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Newcomers to Bolivia may wonder why many streets, squares and buildings are named using dates.

Here is a brief rundown on the top 5 most important dates in Bolivia.

 

6 de Agosto Although Bolivia was one of the first South American nations to begin fighting for independence, it was one of the last to be successful. On August 6, 1824 Simon Bolívar’s army was victorious in the Battle of Junin, and within five months the Spanish were finally defeated by Antonio José de Sucre at the Battle of Ayacucho. On the first anniversary of the victory at Junin, de Sucre called for a constituent assembly to meet in Chuquisaca to decide the fate of Upper Peru (Bolivia was joined with Peru prior to its independence).

The assembly was almost unanimous in its decision to declare independence, rejecting proposals to join with Argentina or Peru. The new country was named Bolivia after its successful military leader. Today Independence Day is recognised with street parties in many of the major cities (the largest celebration being in Copacabana). In La Paz it is also commemorated by the street running south-east after the Prado splits below Plaza del Estudiante, and in Santa Cruz by the street leading into the scenic Parque El Arenal.

 

16 de Julio

If you are in La Paz on July 16, make your way to the Plaza San Francisco for some free entertainment and lots of drinking in the street. Every year the city celebrates the start of the revolution on this day in 1809, when Pedro Domingo Murillo lead local creoles and mestizos (people of mixed Andean and European ancestry) to declare an Independent State in the name of Ferdinand VII, the deposed King of Spain. Fighting in Europe between Napoleon’s France and Spain had a direct effect on the South American countries’ hopes for freedom. When Napoleon placed his brother Josephe on the Spanish throne, it provided the local authorities in Upper Peru with a problem: should they remain loyal to their country or to the new king? Seizing upon this division Murillo was able to declare La Paz separate from Spain, an event celebrated every year by the citizens of La Paz.

 

25 de Mayo

Pedro Domingo Murillo’s push for independence in La Paz was not the first uprising by the Latin American people against the Spanish. That honour belongs to the city of Sucre, where on May 25 1809 locals used the pretext of outrage at Spain’s power struggle to take to the streets. Although this popular uprising was quickly stopped by the authorities, it is recognised as the “first cry of Independence in the Americas”. It is widely regarded to be the catalyst for the series of wars of independence that followed: in the next twenty years much of South America would be returned to local rule. The main square in Sucre is named after this event (Plaza 25 de Mayo), and there is a local holiday every year on this date. Tourists interested in this small revolution may wish to visit the Iglesia de San Francisco (one block north-east of the Plaza, open 7-9am and 4-7pm daily) which houses the Campana de la Libertad: Bolivia’s Liberty Bell which called the citizens to arms in 1809.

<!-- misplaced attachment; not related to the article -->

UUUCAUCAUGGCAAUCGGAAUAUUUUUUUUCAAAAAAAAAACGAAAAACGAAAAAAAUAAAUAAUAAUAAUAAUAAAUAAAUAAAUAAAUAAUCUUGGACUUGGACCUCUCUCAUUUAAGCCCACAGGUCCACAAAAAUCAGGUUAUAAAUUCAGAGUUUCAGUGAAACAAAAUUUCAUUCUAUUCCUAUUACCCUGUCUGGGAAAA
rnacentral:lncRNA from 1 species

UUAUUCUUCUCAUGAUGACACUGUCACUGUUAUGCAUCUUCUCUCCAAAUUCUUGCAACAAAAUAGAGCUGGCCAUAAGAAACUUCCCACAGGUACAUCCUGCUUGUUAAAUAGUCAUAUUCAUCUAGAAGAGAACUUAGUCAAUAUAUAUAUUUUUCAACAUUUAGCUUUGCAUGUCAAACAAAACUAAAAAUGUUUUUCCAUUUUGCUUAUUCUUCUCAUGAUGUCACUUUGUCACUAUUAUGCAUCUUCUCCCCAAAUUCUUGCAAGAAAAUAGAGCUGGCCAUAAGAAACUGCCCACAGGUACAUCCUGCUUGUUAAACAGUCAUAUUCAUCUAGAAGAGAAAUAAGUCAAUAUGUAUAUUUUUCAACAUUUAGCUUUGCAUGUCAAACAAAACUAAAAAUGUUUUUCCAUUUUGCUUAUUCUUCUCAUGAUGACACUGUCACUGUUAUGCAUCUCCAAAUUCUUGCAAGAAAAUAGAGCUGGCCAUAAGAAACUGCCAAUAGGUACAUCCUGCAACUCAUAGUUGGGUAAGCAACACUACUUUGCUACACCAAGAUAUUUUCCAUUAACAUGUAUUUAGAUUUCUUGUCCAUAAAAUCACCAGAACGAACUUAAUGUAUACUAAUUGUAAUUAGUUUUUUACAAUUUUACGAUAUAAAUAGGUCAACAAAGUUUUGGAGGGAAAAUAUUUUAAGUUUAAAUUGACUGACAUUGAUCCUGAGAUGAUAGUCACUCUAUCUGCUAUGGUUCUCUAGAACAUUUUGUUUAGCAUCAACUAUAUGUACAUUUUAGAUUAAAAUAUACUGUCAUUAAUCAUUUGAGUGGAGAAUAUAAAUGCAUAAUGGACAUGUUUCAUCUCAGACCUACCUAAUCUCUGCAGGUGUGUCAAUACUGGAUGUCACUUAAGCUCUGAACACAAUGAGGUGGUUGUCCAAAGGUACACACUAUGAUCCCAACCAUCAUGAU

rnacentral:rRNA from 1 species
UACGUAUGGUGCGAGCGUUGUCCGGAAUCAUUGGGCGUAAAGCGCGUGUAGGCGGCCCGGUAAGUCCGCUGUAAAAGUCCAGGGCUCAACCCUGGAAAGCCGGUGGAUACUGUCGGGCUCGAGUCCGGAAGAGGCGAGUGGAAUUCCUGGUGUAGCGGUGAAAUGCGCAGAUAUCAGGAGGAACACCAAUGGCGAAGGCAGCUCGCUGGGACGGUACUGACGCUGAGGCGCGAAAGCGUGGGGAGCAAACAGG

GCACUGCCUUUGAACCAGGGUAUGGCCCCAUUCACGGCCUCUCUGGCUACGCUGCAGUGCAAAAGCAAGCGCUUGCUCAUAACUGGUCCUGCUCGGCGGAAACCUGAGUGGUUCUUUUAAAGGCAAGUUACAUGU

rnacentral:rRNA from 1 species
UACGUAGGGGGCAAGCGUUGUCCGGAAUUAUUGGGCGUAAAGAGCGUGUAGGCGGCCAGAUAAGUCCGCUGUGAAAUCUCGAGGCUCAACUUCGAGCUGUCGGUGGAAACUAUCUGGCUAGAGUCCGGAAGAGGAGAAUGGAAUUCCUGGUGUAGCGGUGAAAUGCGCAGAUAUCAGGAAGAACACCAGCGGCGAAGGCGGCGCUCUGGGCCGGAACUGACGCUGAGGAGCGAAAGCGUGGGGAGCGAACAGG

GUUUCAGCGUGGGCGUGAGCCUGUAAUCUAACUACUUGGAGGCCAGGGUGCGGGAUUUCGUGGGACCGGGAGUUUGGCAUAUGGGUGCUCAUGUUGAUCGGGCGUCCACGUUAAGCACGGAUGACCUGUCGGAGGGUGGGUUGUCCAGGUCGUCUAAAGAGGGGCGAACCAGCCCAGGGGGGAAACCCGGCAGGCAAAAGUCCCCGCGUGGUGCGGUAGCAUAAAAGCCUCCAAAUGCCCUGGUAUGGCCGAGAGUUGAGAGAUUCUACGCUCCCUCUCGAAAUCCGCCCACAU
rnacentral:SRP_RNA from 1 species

24 de Septiembre

On September 24 1561, Spaniard Ñuflo de Chavez founded Santa Cruz de la Sierra. After over forty years of attacks from local tribes the city was moved 200 km west to its current location at the base of the Cordillera Oriental foothills. Originally intended to provide produce to the rest of the colony, the usefulness of Santa Cruz diminished when cheaper trade routes opened through Peru in the late 1800s. However since the 1950s the population has exploded and today Santa Cruz proudly celebrates its birthday as Bolivia’s second biggest city and hub of trade and transport. As with other cities, this day is marked by a public holiday, which inevitably means drinking and fiestas throughout the city. Named after the date of foundation, Plaza 24 de Septiembre is in the centre of the city and an excellent place to relax and watch the city pass you by. Every Sunday the four streets surrounding the square are used for a market where its possible to buy local artesan goods for excellent prices.

 

20 de Octubre

Running parallel to La Paz’s main street the Prado, is Avenida 20 de Octubre, named after the founding date of the city. In 1548 Captain Alonzo de Mendoza started a settlement which he named La Ciudad de Nuestra Señora de La Paz: The City of Our Lady of Peace. La Paz was soon relocated (the old settlement was near the current city of Laja, on the road to Tiahuanaco) to its present location, where it has grown into Bolivia’s largest city and unofficial capital. Peculiarly enough this date is not celebrated to anywhere near the extent of July 16th, perhaps out of nationalistic pride at the independent nature of the July revolution. Another reason may be that it provokes memories of another date: October 20th 1883, when the Treaty of Ancon was signed to end the War of the Pacific (between Peru, Chile and Bolivia). Under the terms of this treaty Bolivia lost its land rights to the Pacific Coast- a loss it still harbours resentment about today.

 

Chris Jackson

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